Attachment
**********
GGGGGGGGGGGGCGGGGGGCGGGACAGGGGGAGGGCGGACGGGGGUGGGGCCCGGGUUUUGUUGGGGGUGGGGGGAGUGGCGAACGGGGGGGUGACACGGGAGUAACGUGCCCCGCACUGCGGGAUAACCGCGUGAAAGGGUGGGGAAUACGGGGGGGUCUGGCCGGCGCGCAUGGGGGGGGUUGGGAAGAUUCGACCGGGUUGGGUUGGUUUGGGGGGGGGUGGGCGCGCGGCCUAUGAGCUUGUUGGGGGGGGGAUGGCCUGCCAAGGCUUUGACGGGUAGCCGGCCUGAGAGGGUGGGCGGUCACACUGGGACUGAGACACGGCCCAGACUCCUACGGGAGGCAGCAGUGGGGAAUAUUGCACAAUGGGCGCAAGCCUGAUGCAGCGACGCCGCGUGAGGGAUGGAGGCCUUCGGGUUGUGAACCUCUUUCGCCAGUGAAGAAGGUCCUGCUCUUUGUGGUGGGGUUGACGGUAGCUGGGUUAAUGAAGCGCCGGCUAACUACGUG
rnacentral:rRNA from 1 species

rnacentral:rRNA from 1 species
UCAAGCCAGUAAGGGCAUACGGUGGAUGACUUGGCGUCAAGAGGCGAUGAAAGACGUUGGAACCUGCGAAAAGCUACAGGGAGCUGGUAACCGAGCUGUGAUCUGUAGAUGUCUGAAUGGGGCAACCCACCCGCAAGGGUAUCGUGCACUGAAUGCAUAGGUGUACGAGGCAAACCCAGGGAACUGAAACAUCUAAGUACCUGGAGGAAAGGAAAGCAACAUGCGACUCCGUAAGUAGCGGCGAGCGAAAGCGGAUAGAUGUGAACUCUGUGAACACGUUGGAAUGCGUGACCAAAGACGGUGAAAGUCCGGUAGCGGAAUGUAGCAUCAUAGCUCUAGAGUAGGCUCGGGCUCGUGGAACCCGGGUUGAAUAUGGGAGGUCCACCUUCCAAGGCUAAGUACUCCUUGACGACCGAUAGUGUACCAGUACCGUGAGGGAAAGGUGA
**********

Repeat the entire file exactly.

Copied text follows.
GGGGGGGGGGGGCGGGGGGCGGGACAGGGGGAGGGCGGACGGGGGUGGGGCCCGGGUUUUGUUGGGGGUGGGGGGAGUGGCGAACGGGGGGGUGACACGGGAGUAACGUGCCCCGCACUGCGGGAUAACCGCGUGAAAGGGUGGGGAAUACGGGGGGGUCUGGCCGGCGCGCAUGGGGGGGGUUGGGAAGAUUCGACCGGGUUGGGUUGGUUUGGGGGGGGGUGGGCGCGCGGCCUAUGAGCUUGUUGGGGGGGGGAUGGCCUGCCAAGGCUUUGACGGGUAGCCGGCCUGAGAGGGUGGGCGGUCACACUGGGACUGAGACACGGCCCAGACUCCUACGGGAGGCAGCAGUGGGGAAUAUUGCACAAUGGGCGCAAGCCUGAUGCAGCGACGCCGCGUGAGGGAUGGAGGCCUUCGGGUUGUGAACCUCUUUCGCCAGUGAAGAAGGUCCUGCUCUUUGUGGUGGGGUUGACGGUAGCUGGGUUAAUGAAGCGCCGGCUAACUACGUG
rnacentral:rRNA from 1 species

rnacentral:rRNA from 1 species
UCAAGCCAGUAAGGGCAUACGGUGGAUGACUUGGCGUCAAGAGGCGAUGAAAGACGUUGGAACCUGCGAAAAGCUACAGGGAGCUGGUAACCGAGCUGUGAUCUGUAGAUGUCUGAAUGGGGCAACCCACCCGCAAGGGUAUCGUGCACUGAAUGCAUAGGUGUACGAGGCAAACCCAGGGAACUGAAACAUCUAAGUACCUGGAGGAAAGGAAAGCAACAUGCGACUCCGUAAGUAGCGGCGAGCGAAAGCGGAUAGAUGUGAACUCUGUGAACACGUUGGAAUGCGUGACCAAAGACGGUGAAAGUCCGGUAGCGGAAUGUAGCAUCAUAGCUCUAGAGUAGGCUCGGGCUCGUGGAACCCGGGUUGAAUAUGGGAGGUCCACCUUCCAAGGCUAAGUACUCCUUGACGACCGAUAGUGUACCAGUACCGUGAGGGAAAGGUGA